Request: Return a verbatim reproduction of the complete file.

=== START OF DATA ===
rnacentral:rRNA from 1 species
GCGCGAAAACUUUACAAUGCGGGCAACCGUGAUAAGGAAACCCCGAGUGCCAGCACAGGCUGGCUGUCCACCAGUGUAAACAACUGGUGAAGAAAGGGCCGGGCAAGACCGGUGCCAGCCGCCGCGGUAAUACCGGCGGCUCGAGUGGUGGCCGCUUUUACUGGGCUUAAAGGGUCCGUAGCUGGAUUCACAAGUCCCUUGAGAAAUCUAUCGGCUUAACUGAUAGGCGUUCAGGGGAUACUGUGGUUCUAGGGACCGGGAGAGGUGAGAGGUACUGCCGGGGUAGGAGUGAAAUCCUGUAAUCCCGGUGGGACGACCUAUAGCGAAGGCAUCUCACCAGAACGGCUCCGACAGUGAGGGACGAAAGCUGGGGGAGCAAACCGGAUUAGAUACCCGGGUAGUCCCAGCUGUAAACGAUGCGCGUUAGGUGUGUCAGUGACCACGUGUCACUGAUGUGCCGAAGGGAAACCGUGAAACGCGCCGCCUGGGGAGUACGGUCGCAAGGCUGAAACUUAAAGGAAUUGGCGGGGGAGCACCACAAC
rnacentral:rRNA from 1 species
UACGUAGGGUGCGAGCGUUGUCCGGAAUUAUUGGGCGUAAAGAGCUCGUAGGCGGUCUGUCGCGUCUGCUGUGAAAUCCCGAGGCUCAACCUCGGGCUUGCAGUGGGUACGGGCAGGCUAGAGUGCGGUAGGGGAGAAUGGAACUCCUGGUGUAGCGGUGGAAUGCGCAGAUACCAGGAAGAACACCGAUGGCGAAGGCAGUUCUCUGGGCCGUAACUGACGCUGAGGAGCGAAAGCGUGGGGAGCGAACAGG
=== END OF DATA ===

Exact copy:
rnacentral:rRNA from 1 species
GCGCGAAAACUUUACAAUGCGGGCAACCGUGAUAAGGAAACCCCGAGUGCCAGCACAGGCUGGCUGUCCACCAGUGUAAACAACUGGUGAAGAAAGGGCCGGGCAAGACCGGUGCCAGCCGCCGCGGUAAUACCGGCGGCUCGAGUGGUGGCCGCUUUUACUGGGCUUAAAGGGUCCGUAGCUGGAUUCACAAGUCCCUUGAGAAAUCUAUCGGCUUAACUGAUAGGCGUUCAGGGGAUACUGUGGUUCUAGGGACCGGGAGAGGUGAGAGGUACUGCCGGGGUAGGAGUGAAAUCCUGUAAUCCCGGUGGGACGACCUAUAGCGAAGGCAUCUCACCAGAACGGCUCCGACAGUGAGGGACGAAAGCUGGGGGAGCAAACCGGAUUAGAUACCCGGGUAGUCCCAGCUGUAAACGAUGCGCGUUAGGUGUGUCAGUGACCACGUGUCACUGAUGUGCCGAAGGGAAACCGUGAAACGCGCCGCCUGGGGAGUACGGUCGCAAGGCUGAAACUUAAAGGAAUUGGCGGGGGAGCACCACAAC
rnacentral:rRNA from 1 species
UACGUAGGGUGCGAGCGUUGUCCGGAAUUAUUGGGCGUAAAGAGCUCGUAGGCGGUCUGUCGCGUCUGCUGUGAAAUCCCGAGGCUCAACCUCGGGCUUGCAGUGGGUACGGGCAGGCUAGAGUGCGGUAGGGGAGAAUGGAACUCCUGGUGUAGCGGUGGAAUGCGCAGAUACCAGGAAGAACACCGAUGGCGAAGGCAGUUCUCUGGGCCGUAACUGACGCUGAGGAGCGAAAGCGUGGGGAGCGAACAGG